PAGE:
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Bourdieu and Data Analysis

Methodological Principles and Practice

Edited By Michael Grenfell and Frédéric Lebaron

Uniquely amongst the numerous publications to appear on the work of the French social theorist Pierre Bourdieu, this book deals with data analysis, examining a range of techniques and instruments. After an introductory chapter outlining the key principles of Bourdieu’s theory, the book presents detailed examples of data being collected and analysed in a Bourdieusian way across various social science contexts. Both qualitative and quantitative methods are addressed, including analysis of the strengths and weaknesses of each method, as are common data collection procedures such as interview, observation and questionnaire. Examples of Multiple Correspondence Analysis are an important feature of the book, since this was an approach particularly favoured by Bourdieu. In each case study, the pros and cons of different approaches are highlighted and the qualitative/quantitative debate is thoroughly explored. Overall, the book offers readers a blueprint to develop their own methodological plans for using Bourdieu in research practice.
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Widening Participation in Higher Education: Capital that Counts



Even before the release of the Browne Report in 2010, the UK field of higher education (HE) had experienced significant changes. Already expanding admissions figures (Maringe and Fuller 2006) were given new impetus by the 1997 Dearing Report and the renewed emphasis on widening participation which was underpinned by a social justice and economic rationale (DfES 2003a, 2003b). The expectation was that HE would contribute to enhancing national competitiveness in the global economy while simultaneously supporting social cohesion and equality (Naidoo 2000; Osborne 2003).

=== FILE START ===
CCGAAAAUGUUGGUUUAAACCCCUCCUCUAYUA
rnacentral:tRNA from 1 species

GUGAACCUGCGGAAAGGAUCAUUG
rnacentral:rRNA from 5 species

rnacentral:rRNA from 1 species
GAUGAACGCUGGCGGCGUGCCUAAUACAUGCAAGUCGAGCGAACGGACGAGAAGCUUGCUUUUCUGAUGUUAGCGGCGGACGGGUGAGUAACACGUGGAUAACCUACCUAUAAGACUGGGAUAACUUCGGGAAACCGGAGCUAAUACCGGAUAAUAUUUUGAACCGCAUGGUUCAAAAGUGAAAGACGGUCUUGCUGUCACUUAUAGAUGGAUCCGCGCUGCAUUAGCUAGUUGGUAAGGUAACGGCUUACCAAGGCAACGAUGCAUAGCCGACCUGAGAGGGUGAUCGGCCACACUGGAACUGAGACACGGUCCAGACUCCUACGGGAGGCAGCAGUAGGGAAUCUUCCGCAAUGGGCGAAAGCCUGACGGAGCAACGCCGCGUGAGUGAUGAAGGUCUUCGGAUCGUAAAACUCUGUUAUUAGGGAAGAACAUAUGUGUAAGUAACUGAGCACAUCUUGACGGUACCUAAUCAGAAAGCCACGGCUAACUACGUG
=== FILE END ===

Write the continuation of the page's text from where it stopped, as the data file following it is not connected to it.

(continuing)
Despite a significant increase in the proportion of students securing the qualifications required to enter, and the number actually participating in HE, under-representation of those from less privileged social backgrounds is a persistent problem (Reay et al. 2005). Participation has increased to a much greater extent than it has widened (Gilchrist et al. 2003) and it is noteworthy that ‘the most disadvantaged young people are seven times less likely than the most advantaged to attend the most selective institutions’ (BIS 2011: 6).

For many, getting to university is itself an achievement (Clegg et al. 2006), and while doing so might there afford opportunities, the literature suggests that students from non-traditional backgrounds encounter a range of challenges that can impact significantly on their performance, retention and experiences (see, for example, Ozga and Sukhnandan 1998; Yorke 2001a; Thomas 2002; Leathwood and O’Connell 2003; May and Bousted 2004; Sambell and Hubbard 2004). With growing appreciation ← 97 | 98 → of the depth...

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